I designed a kit to build trusses. The kit consists of four unique pieces: leg, diagonal, wheel and half-wheel. The wheel has notches every 45 degrees with a cross-shaped hole in the center that will accept legs or diagonals or the tab on the half-wheel. The diagonal along with two legs and an assortment of three wheels and half-wheels form a 45 degree right triangle. A set of sample pieces with an almost complete bridge is below:

I used Inkscape to design the pieces. I tried several different methods to make parametric notches but I was unsatisfied with the results. The solutions were more involved than redesigning the pieces. It was much simpler to redesign a notch and apply it to the three shapes (I created the half-wheel after I settled on the notch size).

The workflow for this project was sketch out the general shapes for the pieces, measure the cardboard material and build a gauge to test the press fit joints, finalize the notch dimensions, cut five shapes (two legs, diagonal, wheel and half-wheel) to test, adjust the design, then print the final kit.

I sketched out the general shapes using some of my son's toys as a guide. I wanted to produce a single lane truss bridge that was appropriately sized for some of his toys. I didn't want the wheel size to be overly large and settled in about a two inch diameter. Using a guesstimate of the cardboard's thickness, the wheel's diameter limited the practical number of notches to about eight. I settled on 45 degree increments to simplify the design.

When I got into lab, I measured the thickness of the material and then built a gauge to test the effectiveness of different notch widths. The notch depth I had determined based on limitations from the wheel size. If I was designing the kit to maximize the load carried by each joint, I would have spent time investigating different depths. I produced two versions of the gauge, the second one is shown below:

The gauge has two features that I used in the lab to adjust my
design--the series of notches on the top left and the square cut
hole in the lower right. The gauge of 5 notches, each in
0.005"increments, as drawn in Inkscape. Using two gauges, I choose
the best pairing that felt right for the press fit (0.155") and
adjusted the notches in my basic shape. The square is a 1 inch on
side, again as drawn in Inkscape so that the kerf can be
calculated from the difference between the inner and outer edges
(divided by two). From the parameters I used throughout this
process, I think that the kerf was 0.011 inches. I used the
measurements from the square to size the tab and corresponding
cross-shaped hole on the half-wheel and wheel respectively.

The lettering on the gauge was engraved from a 12 point font
applied to the design. I forgot to convert two text strings to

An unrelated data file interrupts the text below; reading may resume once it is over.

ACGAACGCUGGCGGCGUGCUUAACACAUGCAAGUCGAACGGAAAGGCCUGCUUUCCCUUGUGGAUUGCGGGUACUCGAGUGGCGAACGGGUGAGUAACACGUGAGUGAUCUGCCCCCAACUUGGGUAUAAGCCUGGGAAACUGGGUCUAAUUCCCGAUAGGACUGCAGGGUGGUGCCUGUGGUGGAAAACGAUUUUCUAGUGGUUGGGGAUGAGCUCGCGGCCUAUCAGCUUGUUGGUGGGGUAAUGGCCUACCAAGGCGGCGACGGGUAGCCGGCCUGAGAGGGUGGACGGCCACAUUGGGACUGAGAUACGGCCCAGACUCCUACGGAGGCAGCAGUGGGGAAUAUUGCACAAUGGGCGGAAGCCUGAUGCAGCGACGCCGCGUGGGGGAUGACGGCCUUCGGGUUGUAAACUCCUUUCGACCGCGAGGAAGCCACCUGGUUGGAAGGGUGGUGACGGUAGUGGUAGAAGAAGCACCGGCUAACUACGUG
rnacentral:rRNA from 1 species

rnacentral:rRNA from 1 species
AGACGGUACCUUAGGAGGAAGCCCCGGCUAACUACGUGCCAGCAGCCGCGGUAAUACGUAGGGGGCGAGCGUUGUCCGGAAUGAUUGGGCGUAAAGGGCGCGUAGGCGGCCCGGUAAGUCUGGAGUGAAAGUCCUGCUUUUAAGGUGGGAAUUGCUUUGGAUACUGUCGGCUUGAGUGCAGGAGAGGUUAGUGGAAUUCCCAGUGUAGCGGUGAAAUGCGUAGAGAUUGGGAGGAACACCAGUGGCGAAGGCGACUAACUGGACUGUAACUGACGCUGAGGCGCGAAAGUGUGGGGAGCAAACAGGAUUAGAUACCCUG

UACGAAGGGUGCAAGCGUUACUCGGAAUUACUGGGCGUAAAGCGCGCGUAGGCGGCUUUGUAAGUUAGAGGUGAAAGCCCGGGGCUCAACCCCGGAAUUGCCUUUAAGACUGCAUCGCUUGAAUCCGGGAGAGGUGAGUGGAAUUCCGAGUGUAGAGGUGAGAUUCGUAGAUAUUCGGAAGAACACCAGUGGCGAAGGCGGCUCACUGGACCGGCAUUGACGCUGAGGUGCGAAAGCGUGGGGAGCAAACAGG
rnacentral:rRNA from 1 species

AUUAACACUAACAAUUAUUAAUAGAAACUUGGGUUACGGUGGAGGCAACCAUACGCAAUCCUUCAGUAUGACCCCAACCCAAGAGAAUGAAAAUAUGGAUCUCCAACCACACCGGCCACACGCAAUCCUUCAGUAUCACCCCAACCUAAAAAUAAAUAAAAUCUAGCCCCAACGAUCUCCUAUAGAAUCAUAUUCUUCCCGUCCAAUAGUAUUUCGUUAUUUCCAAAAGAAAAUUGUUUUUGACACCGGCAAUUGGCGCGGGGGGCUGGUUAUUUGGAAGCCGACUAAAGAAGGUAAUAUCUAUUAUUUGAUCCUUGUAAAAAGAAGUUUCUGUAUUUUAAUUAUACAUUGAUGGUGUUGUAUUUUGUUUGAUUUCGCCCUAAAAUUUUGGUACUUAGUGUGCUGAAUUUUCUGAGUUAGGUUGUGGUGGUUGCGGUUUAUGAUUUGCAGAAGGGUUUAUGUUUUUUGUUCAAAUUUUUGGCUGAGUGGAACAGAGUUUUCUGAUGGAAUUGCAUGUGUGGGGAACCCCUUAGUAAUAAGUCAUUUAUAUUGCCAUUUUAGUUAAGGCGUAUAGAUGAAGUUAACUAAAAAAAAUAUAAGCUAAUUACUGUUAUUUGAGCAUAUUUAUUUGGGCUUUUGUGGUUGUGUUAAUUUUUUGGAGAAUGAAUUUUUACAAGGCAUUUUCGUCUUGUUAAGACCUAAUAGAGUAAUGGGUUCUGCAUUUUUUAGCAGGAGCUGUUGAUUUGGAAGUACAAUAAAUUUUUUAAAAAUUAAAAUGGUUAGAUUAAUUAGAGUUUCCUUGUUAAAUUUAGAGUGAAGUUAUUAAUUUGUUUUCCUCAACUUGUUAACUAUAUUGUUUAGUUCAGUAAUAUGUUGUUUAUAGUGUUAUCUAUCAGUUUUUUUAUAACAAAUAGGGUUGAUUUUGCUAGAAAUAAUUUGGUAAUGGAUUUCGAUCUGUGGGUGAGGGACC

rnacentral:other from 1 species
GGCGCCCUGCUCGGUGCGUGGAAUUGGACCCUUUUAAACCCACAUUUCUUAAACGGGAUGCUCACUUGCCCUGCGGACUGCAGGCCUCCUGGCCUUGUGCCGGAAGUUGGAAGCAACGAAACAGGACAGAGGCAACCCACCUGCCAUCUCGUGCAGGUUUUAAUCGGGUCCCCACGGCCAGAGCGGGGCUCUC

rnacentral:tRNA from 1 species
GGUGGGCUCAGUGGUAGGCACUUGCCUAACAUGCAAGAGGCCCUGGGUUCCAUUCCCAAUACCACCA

paths and the result were the two garbled pieces of texts
(translated are '0.005" increments' and '1 inch square'). The
white color I owe to my son, who showed me that an eraser can
remove crayon. I applied the crayon in many directions to fill the
text and erased.

When I settled on the notch design, I redesigned all of the
parts. The leg and diagonal are simply rectangles with a centered
notch on either end and the wheel is a base circle with four
notches aligned in the basic directions than I took a copy of the
whole thing (grouped), rotated it in place by 45 degrees, then
removed the inner circle and connected the ends of the notches to
each other. The first version of the half-wheel was just a
bisected wheel with a tab. Of course now it sounds easy but the
first iteration (with the guesstimate notches--printed paper glued
on cereal box board) was the dry run for getting the work done
efficiently (once I abandoned my parametric aspirations).

With the base part designs complete, I cut out five pieces with
the laser cutter. I used the laser cutter with the settings for
cardboard and was satisfied with the results so I didn't see the
need to tweak the parameters. When I did the test fit, I found two
problems with my design. The easiest was that the notch depth on
the legs and diagonals was too deep, by about the length of the
chamfer, so I eliminated it from both pieces. From my experience
with the gauge, I found that I didn't have very much trouble using
cardboard with non-chamfered notches. The second problem was with
the design for the half-wheel, the tab did not extend enough past
the surface of the wheel which allowed too much motion in the
joint and a weird shoulder configuration due to the (now
recognized) ham-fisted biesction that interfered with the ends of
the legs and diagonals. So I added length to the tab and I
simplified the shoulder and moved it to allow more room. The next
figure shows the difference in the parts.

The final result is a much better joint, the half-wheel joint is
more rigid and the legs fit better in the joint. The following
figure shows the final joint:

This summarizes my current (Feb 18, 2014) status with the design. Going forward I want to examine how the notch depth affects the press fit joint, recheck the dimensions of the diagonal ( I think that I made a mistake during the final layout of the wheel) that affects the lengths in the 45 degree right angle, and look for way so improve half-wheel tab--it could be tighter. My wife suggested that I try to improve the layout of my pieces--I lost an opportunity to create a work of art with the negative space.